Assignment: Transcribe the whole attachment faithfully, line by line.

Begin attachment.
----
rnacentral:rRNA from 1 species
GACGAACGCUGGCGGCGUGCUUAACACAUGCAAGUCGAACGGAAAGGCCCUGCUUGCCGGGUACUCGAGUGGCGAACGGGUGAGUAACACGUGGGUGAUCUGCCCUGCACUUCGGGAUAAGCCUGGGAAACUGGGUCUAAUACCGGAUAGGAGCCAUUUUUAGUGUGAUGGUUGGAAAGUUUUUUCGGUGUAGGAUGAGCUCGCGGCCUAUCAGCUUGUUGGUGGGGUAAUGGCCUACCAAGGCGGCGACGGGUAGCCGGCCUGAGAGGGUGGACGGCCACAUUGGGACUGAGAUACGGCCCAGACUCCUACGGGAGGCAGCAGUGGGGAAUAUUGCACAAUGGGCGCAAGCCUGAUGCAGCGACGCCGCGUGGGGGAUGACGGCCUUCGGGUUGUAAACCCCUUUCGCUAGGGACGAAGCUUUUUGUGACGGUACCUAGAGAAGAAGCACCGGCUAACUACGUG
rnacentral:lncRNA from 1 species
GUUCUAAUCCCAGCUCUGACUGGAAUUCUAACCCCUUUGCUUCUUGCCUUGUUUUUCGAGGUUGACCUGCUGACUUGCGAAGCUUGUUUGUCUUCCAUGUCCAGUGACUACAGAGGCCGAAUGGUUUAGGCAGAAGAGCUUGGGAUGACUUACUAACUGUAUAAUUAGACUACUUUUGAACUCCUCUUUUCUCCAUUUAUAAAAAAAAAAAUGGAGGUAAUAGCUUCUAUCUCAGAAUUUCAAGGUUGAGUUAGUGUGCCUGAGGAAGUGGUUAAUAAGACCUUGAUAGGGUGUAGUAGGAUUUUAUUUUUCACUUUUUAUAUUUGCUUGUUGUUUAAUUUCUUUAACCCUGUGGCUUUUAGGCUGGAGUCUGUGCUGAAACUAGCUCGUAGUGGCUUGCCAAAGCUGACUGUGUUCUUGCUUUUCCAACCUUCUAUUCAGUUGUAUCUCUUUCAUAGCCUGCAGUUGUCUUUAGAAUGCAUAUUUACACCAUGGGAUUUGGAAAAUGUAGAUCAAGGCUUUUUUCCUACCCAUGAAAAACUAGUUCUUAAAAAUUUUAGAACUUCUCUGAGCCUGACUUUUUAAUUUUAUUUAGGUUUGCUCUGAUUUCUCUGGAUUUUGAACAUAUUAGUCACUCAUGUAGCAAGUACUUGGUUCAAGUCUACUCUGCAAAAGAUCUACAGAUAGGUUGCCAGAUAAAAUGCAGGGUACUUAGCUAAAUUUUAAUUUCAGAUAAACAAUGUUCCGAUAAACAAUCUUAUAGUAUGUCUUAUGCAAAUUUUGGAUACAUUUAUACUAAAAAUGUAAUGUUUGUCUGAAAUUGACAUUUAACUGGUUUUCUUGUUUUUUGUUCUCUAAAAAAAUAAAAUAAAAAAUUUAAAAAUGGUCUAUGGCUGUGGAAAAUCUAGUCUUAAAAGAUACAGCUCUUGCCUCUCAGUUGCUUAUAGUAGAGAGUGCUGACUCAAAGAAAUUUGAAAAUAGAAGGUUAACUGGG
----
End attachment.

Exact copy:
rnacentral:rRNA from 1 species
GACGAACGCUGGCGGCGUGCUUAACACAUGCAAGUCGAACGGAAAGGCCCUGCUUGCCGGGUACUCGAGUGGCGAACGGGUGAGUAACACGUGGGUGAUCUGCCCUGCACUUCGGGAUAAGCCUGGGAAACUGGGUCUAAUACCGGAUAGGAGCCAUUUUUAGUGUGAUGGUUGGAAAGUUUUUUCGGUGUAGGAUGAGCUCGCGGCCUAUCAGCUUGUUGGUGGGGUAAUGGCCUACCAAGGCGGCGACGGGUAGCCGGCCUGAGAGGGUGGACGGCCACAUUGGGACUGAGAUACGGCCCAGACUCCUACGGGAGGCAGCAGUGGGGAAUAUUGCACAAUGGGCGCAAGCCUGAUGCAGCGACGCCGCGUGGGGGAUGACGGCCUUCGGGUUGUAAACCCCUUUCGCUAGGGACGAAGCUUUUUGUGACGGUACCUAGAGAAGAAGCACCGGCUAACUACGUG
rnacentral:lncRNA from 1 species
GUUCUAAUCCCAGCUCUGACUGGAAUUCUAACCCCUUUGCUUCUUGCCUUGUUUUUCGAGGUUGACCUGCUGACUUGCGAAGCUUGUUUGUCUUCCAUGUCCAGUGACUACAGAGGCCGAAUGGUUUAGGCAGAAGAGCUUGGGAUGACUUACUAACUGUAUAAUUAGACUACUUUUGAACUCCUCUUUUCUCCAUUUAUAAAAAAAAAAAUGGAGGUAAUAGCUUCUAUCUCAGAAUUUCAAGGUUGAGUUAGUGUGCCUGAGGAAGUGGUUAAUAAGACCUUGAUAGGGUGUAGUAGGAUUUUAUUUUUCACUUUUUAUAUUUGCUUGUUGUUUAAUUUCUUUAACCCUGUGGCUUUUAGGCUGGAGUCUGUGCUGAAACUAGCUCGUAGUGGCUUGCCAAAGCUGACUGUGUUCUUGCUUUUCCAACCUUCUAUUCAGUUGUAUCUCUUUCAUAGCCUGCAGUUGUCUUUAGAAUGCAUAUUUACACCAUGGGAUUUGGAAAAUGUAGAUCAAGGCUUUUUUCCUACCCAUGAAAAACUAGUUCUUAAAAAUUUUAGAACUUCUCUGAGCCUGACUUUUUAAUUUUAUUUAGGUUUGCUCUGAUUUCUCUGGAUUUUGAACAUAUUAGUCACUCAUGUAGCAAGUACUUGGUUCAAGUCUACUCUGCAAAAGAUCUACAGAUAGGUUGCCAGAUAAAAUGCAGGGUACUUAGCUAAAUUUUAAUUUCAGAUAAACAAUGUUCCGAUAAACAAUCUUAUAGUAUGUCUUAUGCAAAUUUUGGAUACAUUUAUACUAAAAAUGUAAUGUUUGUCUGAAAUUGACAUUUAACUGGUUUUCUUGUUUUUUGUUCUCUAAAAAAAUAAAAUAAAAAAUUUAAAAAUGGUCUAUGGCUGUGGAAAAUCUAGUCUUAAAAGAUACAGCUCUUGCCUCUCAGUUGCUUAUAGUAGAGAGUGCUGACUCAAAGAAAUUUGAAAAUAGAAGGUUAACUGGG